September 13, 2012


Getting the hoedown started in scenic Northern Rhode Island, from left: Stuart "Tiny" Ranslow (rhythm guitar), Richard Charbonneau (drums), Ray "Gee" Gouin (lead guitar) and Ray Lamberto (organ). Photo courtesy of Ray Lamberto.

According to everybody's favorite quasi-legit information source, Wikipedia defines hootenanny in one incarnation as "an old country word for 'party.'" Well, that sure sounds like what Woonsocket, R.I.'s own Ray Gee And The Counts brought on back in 1965. Though rather than riding the crest of the British Invasion wave, the Counts' lone single is a throwback to the Buddy Holly era of rock and roll, with nary a Beatles or Stones lick found in the grooves. In fact, "Hootenanny Baby" even turned up on a bootleg compilation, "Echoes Of Buddy Holly," featuring cover versions of his songs and (apparently) Buddy Holly soundalikes as well. The flipside, actually listed as Side 1 on the labels, is a bizarre instrumental, less conducive to doing the mashed potato or the swim than to busting out jerky futuristic robotic movements.

Details on the band's existence are scant, though organ player Ray Lamberto (yes, the band contained no less than two Rays) kindly lent the band photo and personnel info.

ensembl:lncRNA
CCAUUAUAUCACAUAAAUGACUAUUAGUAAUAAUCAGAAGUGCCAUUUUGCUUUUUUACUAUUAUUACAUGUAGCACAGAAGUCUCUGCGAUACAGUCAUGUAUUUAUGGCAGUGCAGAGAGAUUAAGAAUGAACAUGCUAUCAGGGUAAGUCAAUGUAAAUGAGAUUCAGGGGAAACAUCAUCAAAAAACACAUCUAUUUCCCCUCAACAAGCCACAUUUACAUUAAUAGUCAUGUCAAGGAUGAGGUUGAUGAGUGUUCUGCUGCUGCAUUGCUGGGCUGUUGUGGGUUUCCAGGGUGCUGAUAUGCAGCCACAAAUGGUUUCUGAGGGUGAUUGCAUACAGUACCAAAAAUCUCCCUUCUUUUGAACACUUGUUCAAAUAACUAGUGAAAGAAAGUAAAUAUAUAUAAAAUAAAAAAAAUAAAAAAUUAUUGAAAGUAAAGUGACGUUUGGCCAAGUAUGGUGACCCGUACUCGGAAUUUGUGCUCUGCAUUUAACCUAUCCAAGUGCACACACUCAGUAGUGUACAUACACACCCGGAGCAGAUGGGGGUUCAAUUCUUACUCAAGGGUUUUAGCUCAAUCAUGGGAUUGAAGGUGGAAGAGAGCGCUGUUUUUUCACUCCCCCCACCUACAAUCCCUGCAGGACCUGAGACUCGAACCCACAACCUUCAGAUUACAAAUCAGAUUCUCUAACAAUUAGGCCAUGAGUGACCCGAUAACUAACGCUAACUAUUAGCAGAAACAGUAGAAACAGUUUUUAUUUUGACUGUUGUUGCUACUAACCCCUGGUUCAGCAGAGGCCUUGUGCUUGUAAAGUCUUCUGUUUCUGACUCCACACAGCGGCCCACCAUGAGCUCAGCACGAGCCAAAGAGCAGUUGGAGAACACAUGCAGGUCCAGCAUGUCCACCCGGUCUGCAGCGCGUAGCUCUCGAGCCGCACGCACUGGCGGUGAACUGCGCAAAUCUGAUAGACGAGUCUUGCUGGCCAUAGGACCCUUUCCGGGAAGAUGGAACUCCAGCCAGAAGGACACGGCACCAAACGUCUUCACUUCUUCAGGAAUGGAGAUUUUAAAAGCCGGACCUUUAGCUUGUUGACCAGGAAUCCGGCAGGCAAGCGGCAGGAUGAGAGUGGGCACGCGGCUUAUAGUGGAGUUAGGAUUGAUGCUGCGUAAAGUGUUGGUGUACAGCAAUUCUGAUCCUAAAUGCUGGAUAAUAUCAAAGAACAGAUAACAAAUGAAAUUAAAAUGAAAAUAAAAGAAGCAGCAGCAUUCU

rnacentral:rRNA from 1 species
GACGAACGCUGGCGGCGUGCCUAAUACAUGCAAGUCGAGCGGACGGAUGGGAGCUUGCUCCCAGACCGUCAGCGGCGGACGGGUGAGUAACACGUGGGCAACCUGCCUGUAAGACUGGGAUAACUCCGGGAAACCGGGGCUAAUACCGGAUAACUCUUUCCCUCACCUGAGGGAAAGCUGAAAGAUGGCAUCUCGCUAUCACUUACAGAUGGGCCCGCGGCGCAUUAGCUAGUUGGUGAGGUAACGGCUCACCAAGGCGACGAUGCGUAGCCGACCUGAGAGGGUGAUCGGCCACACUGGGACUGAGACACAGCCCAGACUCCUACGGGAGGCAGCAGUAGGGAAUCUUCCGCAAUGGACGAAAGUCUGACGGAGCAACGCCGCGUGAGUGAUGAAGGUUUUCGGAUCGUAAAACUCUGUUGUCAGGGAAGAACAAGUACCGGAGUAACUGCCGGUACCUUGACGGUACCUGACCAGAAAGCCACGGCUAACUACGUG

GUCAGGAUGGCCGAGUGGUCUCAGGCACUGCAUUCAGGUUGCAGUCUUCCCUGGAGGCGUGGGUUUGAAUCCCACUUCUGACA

After the Counts, Stuart "Tiny" Ranslow signed on as organ player with the Bobby Shannon Group, a long-running, popular cover band that was a mainstay at the St. James Hotel in Woonsocket. Ray Lamberto continued to gig six nights a week — between three different clubs — for the next 42 years. And Ray Gouin is keeping his moniker alive, still performing regularly as Ray Gee and The Silver Dollar Band at Casa Fernandes in Glendale, R.I.

Hootenanny Baby / Arabic Jazz
Planet Records
(No. 54)
May 1965

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